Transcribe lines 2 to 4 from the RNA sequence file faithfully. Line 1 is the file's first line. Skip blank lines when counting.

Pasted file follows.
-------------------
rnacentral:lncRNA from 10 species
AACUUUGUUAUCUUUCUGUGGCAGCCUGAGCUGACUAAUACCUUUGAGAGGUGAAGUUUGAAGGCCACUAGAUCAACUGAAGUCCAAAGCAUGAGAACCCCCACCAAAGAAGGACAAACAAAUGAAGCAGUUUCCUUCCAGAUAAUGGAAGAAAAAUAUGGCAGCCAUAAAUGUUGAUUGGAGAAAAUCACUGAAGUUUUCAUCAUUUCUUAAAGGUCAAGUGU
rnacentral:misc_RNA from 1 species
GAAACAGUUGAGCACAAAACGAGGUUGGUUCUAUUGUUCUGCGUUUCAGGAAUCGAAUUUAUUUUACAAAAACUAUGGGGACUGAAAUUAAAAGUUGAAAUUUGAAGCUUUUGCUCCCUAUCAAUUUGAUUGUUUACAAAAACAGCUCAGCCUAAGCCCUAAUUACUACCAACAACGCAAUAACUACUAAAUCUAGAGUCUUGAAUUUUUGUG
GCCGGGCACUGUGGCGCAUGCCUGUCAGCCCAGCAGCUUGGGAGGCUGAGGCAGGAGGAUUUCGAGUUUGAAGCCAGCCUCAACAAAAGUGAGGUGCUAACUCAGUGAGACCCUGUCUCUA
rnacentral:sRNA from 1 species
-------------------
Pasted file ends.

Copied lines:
AACUUUGUUAUCUUUCUGUGGCAGCCUGAGCUGACUAAUACCUUUGAGAGGUGAAGUUUGAAGGCCACUAGAUCAACUGAAGUCCAAAGCAUGAGAACCCCCACCAAAGAAGGACAAACAAAUGAAGCAGUUUCCUUCCAGAUAAUGGAAGAAAAAUAUGGCAGCCAUAAAUGUUGAUUGGAGAAAAUCACUGAAGUUUUCAUCAUUUCUUAAAGGUCAAGUGU
rnacentral:misc_RNA from 1 species
GAAACAGUUGAGCACAAAACGAGGUUGGUUCUAUUGUUCUGCGUUUCAGGAAUCGAAUUUAUUUUACAAAAACUAUGGGGACUGAAAUUAAAAGUUGAAAUUUGAAGCUUUUGCUCCCUAUCAAUUUGAUUGUUUACAAAAACAGCUCAGCCUAAGCCCUAAUUACUACCAACAACGCAAUAACUACUAAAUCUAGAGUCUUGAAUUUUUGUG